T.I.v14 Update:

The latest on Trans Iowa; Cues- So far I have two sectors covered in the formatting department with one to go. I should have the last sector formatted this weekend. That will get printed out into a final draft and that draft will be final checked in the field sometime in late March or early April. Weather will likely play a factor in when I get out to do that. It is interesting whenever I do formatting that I can visualize the course as I fill out the format. I also have found a few places where I deleted cues, added cues, or made some small changes based upon comments jotted down while we did recon last year. So, refining the cues is always something on my mind until I make the final commitment to print them in April.

I expect also to be sending out a communication to all participants starting this weekend. The e-mail will detail the schedule of events and lay out the procedure I plan to use for handing out cues the morning of the event. This will be very important, so be looking for that if you are in Trans Iowa coming into your inbox next week.

Number plates will begin to get worked up sometime in March or early April. I also have a plan in the works for some schwag for the racers that is in motion right now. I am getting assistance for that in an unlikely place which will be an interesting story to tell you all when I can. Stay tuned on that front.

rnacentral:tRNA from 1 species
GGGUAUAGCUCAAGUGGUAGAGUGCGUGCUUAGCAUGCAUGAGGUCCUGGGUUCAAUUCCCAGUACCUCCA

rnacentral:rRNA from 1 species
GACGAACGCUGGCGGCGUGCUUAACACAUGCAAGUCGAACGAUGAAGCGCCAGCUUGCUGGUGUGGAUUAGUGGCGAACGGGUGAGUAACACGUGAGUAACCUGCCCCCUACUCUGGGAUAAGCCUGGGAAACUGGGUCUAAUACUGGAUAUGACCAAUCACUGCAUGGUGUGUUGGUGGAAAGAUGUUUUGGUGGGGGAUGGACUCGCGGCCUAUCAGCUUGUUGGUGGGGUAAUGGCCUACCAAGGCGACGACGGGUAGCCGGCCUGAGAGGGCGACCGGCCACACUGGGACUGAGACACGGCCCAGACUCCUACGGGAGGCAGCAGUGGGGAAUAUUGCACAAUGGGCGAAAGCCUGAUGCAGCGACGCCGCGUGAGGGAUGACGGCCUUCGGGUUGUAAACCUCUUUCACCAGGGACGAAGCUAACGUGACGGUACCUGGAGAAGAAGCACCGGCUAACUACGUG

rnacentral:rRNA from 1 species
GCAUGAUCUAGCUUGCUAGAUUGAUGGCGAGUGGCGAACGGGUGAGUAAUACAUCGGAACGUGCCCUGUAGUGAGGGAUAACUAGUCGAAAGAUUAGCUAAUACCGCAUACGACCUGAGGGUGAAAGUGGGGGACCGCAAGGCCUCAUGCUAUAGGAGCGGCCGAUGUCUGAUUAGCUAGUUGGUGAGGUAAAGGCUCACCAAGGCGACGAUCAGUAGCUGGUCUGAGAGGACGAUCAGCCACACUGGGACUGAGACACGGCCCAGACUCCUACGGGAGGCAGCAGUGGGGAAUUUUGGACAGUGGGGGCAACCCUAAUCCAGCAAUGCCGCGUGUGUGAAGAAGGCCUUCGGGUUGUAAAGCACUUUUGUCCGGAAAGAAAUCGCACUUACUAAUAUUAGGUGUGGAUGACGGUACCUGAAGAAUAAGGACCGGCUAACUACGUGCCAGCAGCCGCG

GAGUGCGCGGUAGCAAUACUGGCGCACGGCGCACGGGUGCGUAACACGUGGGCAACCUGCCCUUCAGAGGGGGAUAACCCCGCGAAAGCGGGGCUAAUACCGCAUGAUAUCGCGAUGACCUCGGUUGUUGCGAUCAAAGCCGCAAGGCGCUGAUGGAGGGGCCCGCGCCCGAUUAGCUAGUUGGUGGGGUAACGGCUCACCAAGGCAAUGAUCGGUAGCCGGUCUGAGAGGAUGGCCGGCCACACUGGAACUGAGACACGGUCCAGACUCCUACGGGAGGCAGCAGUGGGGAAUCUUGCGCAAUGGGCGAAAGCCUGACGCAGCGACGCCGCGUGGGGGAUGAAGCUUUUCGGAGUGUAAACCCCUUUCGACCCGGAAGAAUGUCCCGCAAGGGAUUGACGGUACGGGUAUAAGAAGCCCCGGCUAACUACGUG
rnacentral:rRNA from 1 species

That's all for this week. Keep the rubber side down and get out and ride folks!


Robert Ellis said...

Those wider hubs look like they have generators in them.

phillip Cowan said...

Here's a simplistic question. Why all the incrementalism? If 157 Super Boost is the cat's pajamas and it's where we all need to be, then why didn't we just go straight from 135mm to 157mm. Why did we tarry along smelling the roses at intermediate points like 142 and 148. Did the manufacturers need a few years to sell more soon to be obsolete hubs? Sorry to sound like a bitter old man but all this pseudo innovation is making me a bitter old man. Haha.

Irishtsunami said...

I am confused, is it actually made of steel.............?

Guitar Ted said...

@phillip Cowan- Well, part of that can be explained by the move to through axles, which made a QR 135 a through axle 142. Basically nothing changed but the axle/connection method. Boost 148 and Boost 110, (for the front) was done in an effort to allow for shorter chain stays on 29"ers, better wheel strength for 29"ers, and afterward a way to get 27.5+ tires in the mix.

Should they just have went with Super Boost after through axle 142?

Probably, but that's only for long travel mtbs. XC 29 and 27.5 will likely never go to Super Boost.

Rainier Wolfcastle said...

Can you still run a 73mm BB with super boost?

Also, I personally don't see road switching to a wider Q factor any time soon. Road is still largely dictated by what the pros are using, and even for allroadenduroneuring adventure bikes you can run over a 2 inch tire with road cranks.

Guitar Ted said...

@Ranier Wolfcastle- I know DH bikes use 83mm BB's with that standard, but I think that enduro and long travel trail bikes will still use a 73mm based standard.